Page  00000003 C(t, 0); )= ff (9, o)- o ') S(o ' + 0/2) (5) x S* (' - 0/2) ejet do'dO Now, S(o) is the Fourier transform of the input signal s(t), and D(O,o) is the kernel function expressed in the spectral correlation domain. For the modal kernel, we have: ( MK (0, o) = HT (O)H F (o) (6) In the temporal correlation domain computation of the modal TFD we required hF (r) to be a window function of finite support in order to limit the support of the smoothed correlation function R(t,z; hT (t)). In the spectral correlation domain, HT(0) is band-limited by design and effectively limits the support of the integration in (5). HF (o) (the Fourier transform of hF () ) is not needed for realizability and we can remove it from consideration. Since HF (o) effects smoothing along the frequency dimension and we want to preserve as much frequency resolution as possible, we set HF(0o) = 68(o). That is, we choose HF(o) so that there is no smoothing in the frequency dimension. With this substitution, the modal TFD computed in the spectral correlation domain becomes: CMK(t,a)= HT(0)S(O +)+S* (a -)ejetd0 (7) Notice that frequency, o, is now a parameter in the computation of (7), not a Fourier variable. This means that for each value of o, we can use a different low-pass filter HT(O). This freedom forms the basis of our frequency-dependent computation. We can simplify (7) somewhat if we can assume that s(t) is real valued and that HT(O) is real and symmetric. Finally, if we assume that HT(O) is an "ideal" low-pass filter with cutoff frequency 0c then we can write the modal TFD as: 0c CMK(t, ) f Re S(o --)S(-o_-j )ejot }dO (8) 0 Allowing 0c to vary with frequency o implements frequency-dependent smoothing. In the discrete implementation of the above, the "ideal" low-pass filter is actually designed using the frequency sampling method so that samples of HT(O) are 1 at computation points below Oc and 0 elsewhere. This leads to a low-pass filter with some ripple in both the passband and stopband which have a negligible effect on the final outcome. (In addition, Oc is usually small compared to the sampling rate in a discrete implementation so that the reduced range of the integral means that the cost of computing the discrete approximation of the integral is greatly reduced.) A difficulty with the above formulation involves the Fourier transform S(o)). For long signals, this computation may become impractical and some form of overlapped windowing is necessary. The choice of window length and degree of overlap is subject to tradeoffs in frequency resolution, temporal localization, and bias. We do not discuss these issues further in this paper except to mention that different approximations to S(0o) can be used at a given time to implement these tradeoffs in a frequency-dependent manner. 4 Applications In Figure 2 we show a comparison between the spectrogram and the modal kernel computed in the spectral correlation domain. The source material consists of a B3-C4 piano chord played 5 times in rapid succession within a 800 ms span. The diagrams on the left side of the figure show frequency variation as a function of time in the neighborhood of 247 Hz and 262 Hz, corresponding to the fundamentals of B3 and C4, respectively. These graphs were obtained by picking peaks at the frequencies of interest. The entire 800 ms record is shown. The diagrams on the right side of the figure show amplitude variation as a function of time for the fundamental of C4 at 262 Hz. The amplitude scale is logarithmic, and once again, the entire 800 ms record is shown. The 5 note-onsets are visible in the amplitude variation graphs. Graphs (a), (b), and (c) show results for the spectrogram computed with a Hamming window of duration 120 ms, 140 ms, and 160 ms, respectively. The classic time-frequency tradeoff is visible in these graphs. As the window becomes longer, the resolution in frequency improves but the amplitude profile is smoothed out, making the onsets more difficult to discern. The crossovers visible in the frequency variation graphs (the left side) of (a) and (b) are due to insufficient frequency resolution; the peaks come so close together that at certain times they merge and cease to be resolvable. Only at a window duration of 160 ms does the spectrogram clearly resolve the peaks for the entire duration of the 5 notes. With this window duration, however, the 3rd and 5th note onsets are nearly completely obscured. The graph in (d) shows the frequency-dependent modal kernel computation for the same source material. Both high frequency and high time resolution are achieved simultaneously (note how the 3rd and 5th onsets are more clearly resolved). Figure 3 shows one potential benefit of the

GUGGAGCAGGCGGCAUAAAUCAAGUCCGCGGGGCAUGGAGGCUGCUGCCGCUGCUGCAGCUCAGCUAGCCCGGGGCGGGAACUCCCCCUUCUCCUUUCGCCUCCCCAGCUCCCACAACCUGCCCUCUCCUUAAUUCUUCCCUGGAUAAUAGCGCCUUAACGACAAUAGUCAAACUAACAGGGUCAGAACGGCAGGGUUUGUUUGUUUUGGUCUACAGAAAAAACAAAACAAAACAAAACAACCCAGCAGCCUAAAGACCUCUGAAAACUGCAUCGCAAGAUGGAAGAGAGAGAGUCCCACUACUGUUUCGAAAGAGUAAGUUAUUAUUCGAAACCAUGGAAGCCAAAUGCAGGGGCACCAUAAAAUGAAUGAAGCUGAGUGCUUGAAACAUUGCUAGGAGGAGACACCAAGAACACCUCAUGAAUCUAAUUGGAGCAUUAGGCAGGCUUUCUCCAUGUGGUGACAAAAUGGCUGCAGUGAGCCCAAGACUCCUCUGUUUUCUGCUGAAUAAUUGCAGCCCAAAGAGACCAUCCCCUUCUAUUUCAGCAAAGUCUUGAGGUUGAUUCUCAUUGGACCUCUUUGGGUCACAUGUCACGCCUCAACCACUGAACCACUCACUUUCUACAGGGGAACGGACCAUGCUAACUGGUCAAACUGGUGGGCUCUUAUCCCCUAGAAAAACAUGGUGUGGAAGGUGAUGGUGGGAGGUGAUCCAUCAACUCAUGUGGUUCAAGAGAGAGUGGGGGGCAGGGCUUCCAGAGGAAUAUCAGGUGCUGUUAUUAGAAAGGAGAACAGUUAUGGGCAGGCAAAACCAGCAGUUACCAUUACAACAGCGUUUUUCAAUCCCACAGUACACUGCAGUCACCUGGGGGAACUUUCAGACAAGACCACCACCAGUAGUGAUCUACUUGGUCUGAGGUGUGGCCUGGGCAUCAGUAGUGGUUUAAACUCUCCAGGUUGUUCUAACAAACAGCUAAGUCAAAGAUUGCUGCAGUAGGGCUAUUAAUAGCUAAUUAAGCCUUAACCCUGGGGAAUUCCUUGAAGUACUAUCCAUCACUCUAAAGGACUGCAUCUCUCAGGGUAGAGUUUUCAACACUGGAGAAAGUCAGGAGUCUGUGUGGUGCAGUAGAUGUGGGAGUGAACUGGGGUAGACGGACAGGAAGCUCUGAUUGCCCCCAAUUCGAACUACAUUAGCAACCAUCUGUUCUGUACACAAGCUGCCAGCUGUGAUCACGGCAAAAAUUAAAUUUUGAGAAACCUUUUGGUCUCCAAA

Page  00000004 frequency-dependent modal TFD. This figure shows amplitude profiles of the same 5-chord sequence at 1044 Hz, the 5th partial of the C4 note. The profiles have been intentionally separated by 2 dB for clarity. The higher curve represents the usual modal TFD, while the lower curve shows the frequency-dependent computation. Note how in the lower curve the 3rd and 5th note onsets have a larger slope, and the separation between notes is generally better. This improvement is due to the lower smoothing at higher frequencies. In this case, the assumption that the source material conformed to a Western 12-tone scale was used to set the smoothing frequency 0c based upon expected differences in partial frequencies. 5 Conclusions We have presented a frequency-dependent implementation of the modal TFD as a front end processor for automated transcription. This new approach enables computationally efficient processing strategies that vary with frequency. As an example, frequency-dependent smoothing was shown to preserve more time resolution at higher frequencies, thereby reducing the uncertainty in onset detection. References [1] Loughlin, P. J., J.W. Pitton, and L.E. Atlas 1993. "Bilinear Time-Frequency Representations: New Insights and Properties," IEEE Trans. Sig. Proc., Volume 41, Number 2, pp.750-767. (a) (c) ~2 -(d) [2] Cohen, L. 1995. Time-Frequency Analysis, New Jersey: Prentice-Hall, Inc. [3] Guevara, R.C.L. 1997. Modal Distribution Analysis and Sum of Sinusoid Synthesis of Piano Tones, Ph.D. Dissertation, University of Michigan. [4] Pielemeier, W.J., G.H. Wakefield, and M.H. Simoni 1996, "Time-Frequency Analysis of Musical Signals," Proc. IEEE, Volume 84, Number 9, pp.1216-1230. -14 -16 -18 --20 --22 -24 -26 -28 0 0.2 0.4 0.6 0.8 1 time (ms) Figure 3: B3-C4 piano chord amplitude profile at 1044 Hz. The higher curve is derived from the standard modal TFD computation while the lower curve comes from the frequencydependent modal TFD. Note the sharper transition at the 3rd and 5th onsets and the general improvement in note separation. Figure 2: Spectrogram and modal TFD of fundamentals for 5 successive B3-C4 piano chords. Parts (a), (b), and (c) show the spectrogram using Hamming windows of length 120 ms, 140 ms, and 160 ms, respectively. Part (d) shows the modal TFD analysis. The left side shows frequency-vs.-time graphs near 247 Hz and 262 Hz (i.e., the fundamentals of B3 and C4). The right side shows log-amplitude-vs.-time graphs at 262 Hz. The modal TFD analysis results in good simultaneous time and frequency resolution, while the spectrogram analysis sacrifices one for the other. Both time axes extend over 800 ms.